The Shockingly Simple Habit For Increased Productivity

Napping for increased productivity

Tired minds don’t plan well. Sleep first, plan later.

Walter Reisch

Do you ever feel like you live in the world of endless to-do lists and unmet expectations? Have you wondered why working harder hasn’t resulted in increased productivity?

The answer is the law of diminishing returns. Our bodies have physical limitations. And, burning the candle at both ends not only impacts our health but also makes us poor performers.

But, we live in a hustle culture. Working all the time has become the new norm. We’re constantly reminded that we have to choose between our goals and quality of life. Even if this secretly sabotages our success. And if Elon Musk became a billionaire by sleeping at the Tesla factory, who are we to argue?

The Missing Piece

So, how do we combat the stress and exhaustion of our overworked lives? The key to reinvigorating ourselves for increased productivity is – napping.

Yes, you read that right.

Our old childhood habit has more benefits than we gave it credit for. Even if many of us have shunned it in favor of energy drinks and caramel macchiatos. Studies show that napping improves alertness and memory recall better than caffeine. It can even make us better problem solvers to work through those to-do lists faster.

5 Minutes To Increased Productivity

Unfortunately, many employers still look down on napping in the workplace. And, many offices are not set up to accommodate falling asleep during the workday. Luckily, you don’t need to fall asleep to enjoy the benefits of a midday rest. You only need 5 minutes to try one of the following faux nap ideas.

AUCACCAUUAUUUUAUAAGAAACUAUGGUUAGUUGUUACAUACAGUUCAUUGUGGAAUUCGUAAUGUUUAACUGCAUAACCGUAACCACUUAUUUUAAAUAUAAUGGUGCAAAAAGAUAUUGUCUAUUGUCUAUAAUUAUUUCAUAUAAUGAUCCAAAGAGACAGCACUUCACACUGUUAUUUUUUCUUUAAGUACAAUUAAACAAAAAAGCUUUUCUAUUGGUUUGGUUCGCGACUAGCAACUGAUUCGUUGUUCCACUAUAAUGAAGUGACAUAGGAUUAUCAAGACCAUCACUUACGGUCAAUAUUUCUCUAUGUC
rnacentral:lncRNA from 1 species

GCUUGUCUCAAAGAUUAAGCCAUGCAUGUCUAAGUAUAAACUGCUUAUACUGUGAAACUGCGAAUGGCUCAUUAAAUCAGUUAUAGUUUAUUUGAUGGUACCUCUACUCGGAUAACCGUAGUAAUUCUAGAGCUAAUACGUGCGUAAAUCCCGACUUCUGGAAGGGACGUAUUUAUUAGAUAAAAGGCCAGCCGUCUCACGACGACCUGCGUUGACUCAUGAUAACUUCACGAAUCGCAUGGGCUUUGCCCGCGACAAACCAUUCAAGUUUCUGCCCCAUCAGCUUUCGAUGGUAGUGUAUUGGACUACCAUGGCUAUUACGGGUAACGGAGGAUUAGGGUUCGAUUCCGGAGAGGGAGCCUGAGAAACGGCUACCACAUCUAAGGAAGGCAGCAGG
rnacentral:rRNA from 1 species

1. Close your eyes

More than half of our brain capacity is used to process visual information from our eyes. By closing your eyes, you can free up that energy and allow your brain to recover. You can also put on headphones with soothing music to block out the noise around you. Let your mind come to stillness and stay there for a few minutes before reopening your eyes.

2. Daydream

As kids, we’re often scolded for spacing out in class and melting into the world outside the window. Yet, neuroscience has observed that daydreaming unlocks our creativity. Allowing our thoughts to flow freely opens up new pathways in our brains. You can gaze at a calming picture for five minutes and allow your mind to wander. Note down any interesting thoughts that come up.

3. Practice mindful breathing

Our brains are responsible for 20% of oxygen consumption in the body. A steady supply of oxygen results in mental sharpness and increased productivity. Try the 4-7-8 breathing technique. Breathe in for a count of 4, hold for a count of 7, and breathe out for a count of 8. You can do this for two to five minutes.

Try these techniques the next time you’re feeling sluggish during your day. We don’t always have control over the pressure and stress in our lives. But, all you need is five minutes to break out of your slump and feel increased productivity. Doing so will help you see that we don’t need to trade our well-being for success. We’re at our best when we use our well-being to propel our success.

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